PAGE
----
After an artist has been as highly-regarded for as long as Radiohead has been, it’s easy to forget what was so exciting about that artist in the first place. After sneaking out from under future-one-hit-wonder status to usurp the title of World’s Greatest Living Rock Band from U2 in the mid-90s with their albums The Bends and OK Computer, Radiohead channeled their renown into crafting two of the strangest, most dissonant and experimental records to ever top the American pop charts – Kid A and Amnesiac.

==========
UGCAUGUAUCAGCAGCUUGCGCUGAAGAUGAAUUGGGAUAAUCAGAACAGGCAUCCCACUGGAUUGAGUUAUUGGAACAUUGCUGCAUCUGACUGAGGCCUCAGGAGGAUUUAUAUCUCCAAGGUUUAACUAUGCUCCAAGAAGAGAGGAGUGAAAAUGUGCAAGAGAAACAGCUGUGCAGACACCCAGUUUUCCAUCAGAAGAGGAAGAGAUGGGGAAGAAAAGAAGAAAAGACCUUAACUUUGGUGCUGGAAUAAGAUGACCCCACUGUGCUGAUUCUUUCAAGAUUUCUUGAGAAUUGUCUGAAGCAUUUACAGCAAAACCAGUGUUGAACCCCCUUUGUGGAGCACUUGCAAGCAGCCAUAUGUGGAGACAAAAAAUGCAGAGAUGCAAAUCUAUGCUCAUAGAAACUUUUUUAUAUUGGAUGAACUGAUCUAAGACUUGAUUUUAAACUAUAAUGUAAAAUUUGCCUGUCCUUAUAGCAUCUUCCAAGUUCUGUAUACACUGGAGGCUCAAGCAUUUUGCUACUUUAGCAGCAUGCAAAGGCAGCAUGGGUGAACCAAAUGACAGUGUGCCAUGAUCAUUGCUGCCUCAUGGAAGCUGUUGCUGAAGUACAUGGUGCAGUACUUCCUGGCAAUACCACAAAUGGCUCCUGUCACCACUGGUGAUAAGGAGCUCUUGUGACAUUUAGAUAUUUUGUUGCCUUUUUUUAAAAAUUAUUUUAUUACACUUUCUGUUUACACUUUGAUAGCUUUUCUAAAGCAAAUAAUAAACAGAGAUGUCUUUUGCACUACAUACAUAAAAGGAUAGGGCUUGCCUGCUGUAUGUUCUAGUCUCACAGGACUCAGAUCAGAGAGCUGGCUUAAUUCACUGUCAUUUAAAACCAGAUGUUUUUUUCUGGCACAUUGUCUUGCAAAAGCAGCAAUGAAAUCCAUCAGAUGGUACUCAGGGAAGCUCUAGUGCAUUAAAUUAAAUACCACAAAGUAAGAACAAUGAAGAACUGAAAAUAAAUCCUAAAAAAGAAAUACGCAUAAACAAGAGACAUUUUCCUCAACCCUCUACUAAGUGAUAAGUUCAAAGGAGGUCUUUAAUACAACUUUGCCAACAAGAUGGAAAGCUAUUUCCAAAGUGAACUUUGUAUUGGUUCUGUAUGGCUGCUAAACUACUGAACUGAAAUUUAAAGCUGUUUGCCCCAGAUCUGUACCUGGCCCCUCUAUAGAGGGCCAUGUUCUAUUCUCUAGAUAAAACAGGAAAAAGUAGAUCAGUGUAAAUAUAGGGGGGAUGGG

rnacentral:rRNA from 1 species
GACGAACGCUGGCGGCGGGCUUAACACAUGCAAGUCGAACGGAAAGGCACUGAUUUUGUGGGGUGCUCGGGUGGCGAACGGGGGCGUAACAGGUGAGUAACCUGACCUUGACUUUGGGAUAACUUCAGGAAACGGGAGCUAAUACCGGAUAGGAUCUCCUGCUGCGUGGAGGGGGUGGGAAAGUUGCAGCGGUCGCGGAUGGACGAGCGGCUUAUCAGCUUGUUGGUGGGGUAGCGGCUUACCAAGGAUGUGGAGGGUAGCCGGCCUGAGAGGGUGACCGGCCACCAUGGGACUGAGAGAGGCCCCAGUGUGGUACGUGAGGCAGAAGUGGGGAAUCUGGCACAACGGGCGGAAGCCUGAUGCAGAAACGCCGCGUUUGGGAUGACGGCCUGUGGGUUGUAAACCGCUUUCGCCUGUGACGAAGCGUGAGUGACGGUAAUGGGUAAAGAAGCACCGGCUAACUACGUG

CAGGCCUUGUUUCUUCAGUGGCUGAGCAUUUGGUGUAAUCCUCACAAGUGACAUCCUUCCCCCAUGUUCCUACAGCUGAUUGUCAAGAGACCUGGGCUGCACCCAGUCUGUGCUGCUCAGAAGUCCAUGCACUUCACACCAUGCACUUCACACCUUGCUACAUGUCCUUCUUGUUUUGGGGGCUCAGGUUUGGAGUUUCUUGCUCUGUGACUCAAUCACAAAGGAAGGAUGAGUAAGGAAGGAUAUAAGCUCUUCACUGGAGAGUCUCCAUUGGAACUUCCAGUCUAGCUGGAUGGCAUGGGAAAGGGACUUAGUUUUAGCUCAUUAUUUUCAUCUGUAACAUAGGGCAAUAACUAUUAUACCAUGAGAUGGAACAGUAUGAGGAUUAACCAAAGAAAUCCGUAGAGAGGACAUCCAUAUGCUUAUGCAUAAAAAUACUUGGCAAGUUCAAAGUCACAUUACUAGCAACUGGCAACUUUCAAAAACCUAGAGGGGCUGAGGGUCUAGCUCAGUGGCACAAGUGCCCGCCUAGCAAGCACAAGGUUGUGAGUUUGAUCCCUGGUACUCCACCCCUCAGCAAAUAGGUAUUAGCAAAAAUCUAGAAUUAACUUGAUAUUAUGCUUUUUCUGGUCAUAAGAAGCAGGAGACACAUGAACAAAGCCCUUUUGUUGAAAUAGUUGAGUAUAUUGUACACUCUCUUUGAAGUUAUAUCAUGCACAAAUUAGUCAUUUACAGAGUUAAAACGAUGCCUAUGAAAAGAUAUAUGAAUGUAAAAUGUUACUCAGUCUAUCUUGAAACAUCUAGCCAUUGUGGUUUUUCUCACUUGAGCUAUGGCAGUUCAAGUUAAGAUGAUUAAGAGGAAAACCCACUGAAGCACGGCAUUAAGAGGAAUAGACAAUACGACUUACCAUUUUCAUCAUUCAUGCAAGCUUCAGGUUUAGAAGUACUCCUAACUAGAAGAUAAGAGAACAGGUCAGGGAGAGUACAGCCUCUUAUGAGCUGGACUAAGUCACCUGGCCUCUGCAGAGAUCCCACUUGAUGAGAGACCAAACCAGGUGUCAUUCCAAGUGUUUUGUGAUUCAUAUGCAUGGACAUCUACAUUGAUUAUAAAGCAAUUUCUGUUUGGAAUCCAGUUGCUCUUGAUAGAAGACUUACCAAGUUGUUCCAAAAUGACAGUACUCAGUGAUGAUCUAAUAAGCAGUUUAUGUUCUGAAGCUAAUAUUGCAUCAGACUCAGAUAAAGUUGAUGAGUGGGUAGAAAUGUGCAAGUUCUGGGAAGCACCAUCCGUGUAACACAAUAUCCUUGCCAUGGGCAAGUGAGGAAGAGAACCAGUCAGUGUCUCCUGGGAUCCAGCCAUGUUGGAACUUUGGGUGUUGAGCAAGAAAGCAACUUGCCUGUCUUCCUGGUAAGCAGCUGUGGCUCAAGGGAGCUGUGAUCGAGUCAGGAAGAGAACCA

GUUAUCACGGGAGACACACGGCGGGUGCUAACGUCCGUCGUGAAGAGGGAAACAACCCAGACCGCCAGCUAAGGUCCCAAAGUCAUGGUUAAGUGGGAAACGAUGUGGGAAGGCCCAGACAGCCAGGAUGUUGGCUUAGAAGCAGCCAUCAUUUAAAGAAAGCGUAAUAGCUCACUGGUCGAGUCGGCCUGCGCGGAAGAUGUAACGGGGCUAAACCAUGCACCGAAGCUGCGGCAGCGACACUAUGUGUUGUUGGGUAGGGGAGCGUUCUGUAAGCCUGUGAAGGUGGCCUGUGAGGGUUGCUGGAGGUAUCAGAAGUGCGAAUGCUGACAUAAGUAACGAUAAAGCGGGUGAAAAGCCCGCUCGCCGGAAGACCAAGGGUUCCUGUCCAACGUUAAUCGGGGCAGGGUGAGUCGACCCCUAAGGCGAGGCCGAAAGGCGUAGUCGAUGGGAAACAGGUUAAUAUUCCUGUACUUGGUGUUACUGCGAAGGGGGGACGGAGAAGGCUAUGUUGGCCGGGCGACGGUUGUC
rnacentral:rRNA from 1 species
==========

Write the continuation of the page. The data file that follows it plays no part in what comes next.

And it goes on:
In the last decade, with the single ascendant (due to the advent of iTunes and easy piracy), Radiohead have almost single-handedly kept the album relevant as a form. Which is why it was sort of disheartening, if not entirely surprising, to hear Thom Yorke talk about the band moving away from recording albums after the release of 2007’s In Rainbows. 15 years after The Bends, it’s easy to take for granted that Radiohead have been the greatest album band of their time; but it’s even easier to forget that the band first got our attention by just writing some really good songs (“Creep” among them, to my thinking). Tonight, I was taking the long way home from work because I just got a new car – one that I can plug my iPod into! I had it playing on shuffle and when I heard the shimmering opening notes of “Let Down”, I didn’t even recognize it. It was like I was hearing the song – which I had in heavy rotation on my Walkman in the summer of ’97 – for the very first time. The way Yorke sings the verses in gradually expanding ellipses of melody; the way his voice maintains a flatness and distance even as the music behind him grows grander and more urgent; the layers of shimmer and twinkle, delicately plucked arpeggios and folky strumming chords backing up lyrical images of disappointed people “clinging to bottles”. I’m not sure how serious Thom Yorke was about Radiohead focusing entirely on singles – and Radiohead have always been a band that thrive when they’re defying expectations, even the ones they’ve helped to perpetuate – but if, in fact, they never release another album, I have every reason to suspect that they’ll become the Greatest Living Singles Band in the World. Songs like this are why.